Friday, March 4, 2011

Buenos Aires Travel Information

First of all, just a little bit of information about Buenos Aires City...


The city of Buenos Aires was founded by the Spanish conqueror Pedro de Mendoza in 1536, on the banks of the embankment where the Lezama Park is now located. Over the next 500 years, this small settlement by the river continued to grow until it became the capital city of Argentina, a metropolis where over 3 million people live.

Of its many districts, the most picturesque, undoubtedly, is the neighbourhood of La Boca. A "must" stroll to taste Italian dishes, walk along the colourful pedestrian street of Caminito, and visit the Boca Juniors Club Stadium where Diego Maradona played.

The neighbourhood of San Telmo has its roots deeply set in Buenos Aires and this is not just a coincidence, since Mendoza founded the city on the embankment here. Its streets have preserved a unique architectural heritage with historical bars, "tanguerías" where diverse tango shows are performed, antiques stores, small trendy restaurants, centennial convents and the Plaza Dorrego street fair, that on every Sunday becomes the unavoidable meeting place for all travelers who might want to get to know the soul of Buenos Aires.

On the banks of the Río de la Plata, the old port gave away to Puerto Madero, one of the most modern districts of the city. Three luxury high rise towers have been constructed and the old docks, that had been abandoned for decades, were recycled and these days constitute one of the most interesting gastronomic districts. It is and ideal place to eat and the take a stroll by the river. On the river, the Ecological Reserve is a 350 hectare natural open space from where some of the most surprising panoramic views of Buenos Aires can be obtained.

Plaza de Mayo is the historical center of Buenos Aires. It is here that Av. de Mayo is born, an avenue with an european spirit, that was the center stage in the lives of the inhabitants of Buenos Aires known as "porteños": the famous Tortoni Cafe, where Jorge Luis Borges used to drop by, the Castelar Hotel where the spanish poet Federico García Lorca once lived, the Barolo Palace and the 36 billiards bar known as Los 36 Billares, are some of the testimonies that are left from those times.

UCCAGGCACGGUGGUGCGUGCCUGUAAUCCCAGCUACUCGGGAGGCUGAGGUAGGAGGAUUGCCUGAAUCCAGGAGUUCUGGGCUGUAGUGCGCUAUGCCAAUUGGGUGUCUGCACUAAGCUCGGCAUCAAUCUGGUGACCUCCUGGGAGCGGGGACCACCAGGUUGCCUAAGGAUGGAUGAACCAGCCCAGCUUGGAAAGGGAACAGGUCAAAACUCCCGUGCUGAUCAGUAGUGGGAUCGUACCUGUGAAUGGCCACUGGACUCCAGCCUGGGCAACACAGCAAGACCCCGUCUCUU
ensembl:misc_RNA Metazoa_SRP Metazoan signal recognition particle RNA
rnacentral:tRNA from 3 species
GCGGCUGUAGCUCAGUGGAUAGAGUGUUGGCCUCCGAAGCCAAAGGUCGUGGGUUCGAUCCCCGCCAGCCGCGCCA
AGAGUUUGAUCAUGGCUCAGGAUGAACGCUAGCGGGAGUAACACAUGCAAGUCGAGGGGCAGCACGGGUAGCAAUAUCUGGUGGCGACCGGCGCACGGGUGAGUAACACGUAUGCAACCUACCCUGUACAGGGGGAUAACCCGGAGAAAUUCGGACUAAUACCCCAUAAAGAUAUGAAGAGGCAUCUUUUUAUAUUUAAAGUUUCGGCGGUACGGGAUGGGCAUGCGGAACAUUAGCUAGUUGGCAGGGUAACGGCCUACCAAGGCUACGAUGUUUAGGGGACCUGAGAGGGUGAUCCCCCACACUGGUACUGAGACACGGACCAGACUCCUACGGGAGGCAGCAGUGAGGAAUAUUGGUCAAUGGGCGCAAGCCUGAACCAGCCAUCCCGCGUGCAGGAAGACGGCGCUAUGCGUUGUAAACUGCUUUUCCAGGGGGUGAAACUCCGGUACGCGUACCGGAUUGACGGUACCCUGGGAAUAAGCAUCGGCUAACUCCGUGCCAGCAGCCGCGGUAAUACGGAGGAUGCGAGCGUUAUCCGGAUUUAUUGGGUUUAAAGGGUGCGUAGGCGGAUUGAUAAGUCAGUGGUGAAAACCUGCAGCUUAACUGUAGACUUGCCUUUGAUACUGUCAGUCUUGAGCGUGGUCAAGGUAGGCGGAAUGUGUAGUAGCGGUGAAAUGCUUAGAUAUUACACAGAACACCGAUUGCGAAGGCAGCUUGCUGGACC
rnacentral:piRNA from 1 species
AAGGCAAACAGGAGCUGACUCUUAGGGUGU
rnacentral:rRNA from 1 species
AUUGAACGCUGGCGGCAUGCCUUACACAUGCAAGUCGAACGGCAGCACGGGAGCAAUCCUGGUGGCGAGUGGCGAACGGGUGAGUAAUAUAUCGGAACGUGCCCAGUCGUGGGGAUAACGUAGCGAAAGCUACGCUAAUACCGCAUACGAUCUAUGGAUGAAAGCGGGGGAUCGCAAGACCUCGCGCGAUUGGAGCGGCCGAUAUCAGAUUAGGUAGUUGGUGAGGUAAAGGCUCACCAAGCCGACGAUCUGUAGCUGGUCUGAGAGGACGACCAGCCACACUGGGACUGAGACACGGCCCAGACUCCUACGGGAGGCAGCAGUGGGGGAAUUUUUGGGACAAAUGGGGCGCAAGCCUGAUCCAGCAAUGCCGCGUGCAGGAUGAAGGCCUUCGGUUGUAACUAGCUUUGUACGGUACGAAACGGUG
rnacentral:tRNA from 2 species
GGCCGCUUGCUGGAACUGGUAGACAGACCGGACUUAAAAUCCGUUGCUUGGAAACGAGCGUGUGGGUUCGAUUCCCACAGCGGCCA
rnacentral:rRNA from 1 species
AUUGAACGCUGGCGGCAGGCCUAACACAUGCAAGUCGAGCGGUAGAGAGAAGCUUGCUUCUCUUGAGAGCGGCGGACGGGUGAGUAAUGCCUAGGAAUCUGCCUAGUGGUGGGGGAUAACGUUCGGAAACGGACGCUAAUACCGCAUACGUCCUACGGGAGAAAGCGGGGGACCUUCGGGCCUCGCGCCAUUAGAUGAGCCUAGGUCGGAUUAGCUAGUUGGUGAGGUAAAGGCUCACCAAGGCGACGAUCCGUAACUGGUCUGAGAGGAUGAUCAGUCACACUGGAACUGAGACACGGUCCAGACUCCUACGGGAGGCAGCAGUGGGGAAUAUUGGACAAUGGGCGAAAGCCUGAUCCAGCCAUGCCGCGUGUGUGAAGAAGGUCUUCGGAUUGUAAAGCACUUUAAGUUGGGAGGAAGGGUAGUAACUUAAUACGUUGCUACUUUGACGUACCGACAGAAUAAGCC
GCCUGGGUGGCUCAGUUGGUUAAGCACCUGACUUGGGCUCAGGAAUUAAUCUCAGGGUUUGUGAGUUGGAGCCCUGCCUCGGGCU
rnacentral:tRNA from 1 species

A few blocks away, Corrientes Avenue is considered the Broadway of Argentina because of its many theaters, movie theaters and bohemian cafes. One of the famous arteries of Buenos Aires is the pedestrian Florida Street, undoubtedly a "must" place to stroll along with large commercial galleries and endless stores catering for all tastes. Florida crosses through the financial areas of the city, that ends in Plaza San Martín, where the only building of the city was once located, two hundred years ago. Nowadays, there are several pubs in the area, with well attended happy hours, ideal to call it a day and share beers with friends.



Recoleta is the most aristocratic district of Buenos Aires, with its luxury shops along Avenida Alvear, an interesting circuit of museums, art galleries and the lordly cementery where the remains of Evita Perón and the other prominent argentine personalities rest. At night, the area is transformed and the sepulchral silence gives away to a noisy and colorful night life.

Palermo used to be a neighbourhood of tango loving "tangueros"
and canteens that, over the last couple of years, has become the "state-of-the-art" district. The whole area is now highly attractive for travelers to visit: the old Palermo Viejo that still maintains the spirit of the 1930´s; Palermo Soho, with small stores of young designers as well as ethnic restaurants; Palermo Hollywood with fashionable bars whose parties overflow onto the streets and sidewalks, the gastronomic district of Las Cañitas and the green Palermo Verde, something of a city lung with its parks and lakes.

Accommodation: Buenos Aires apartments,
Hostel Buenos Aires ,
Residencia Universitaria Buenos Aires

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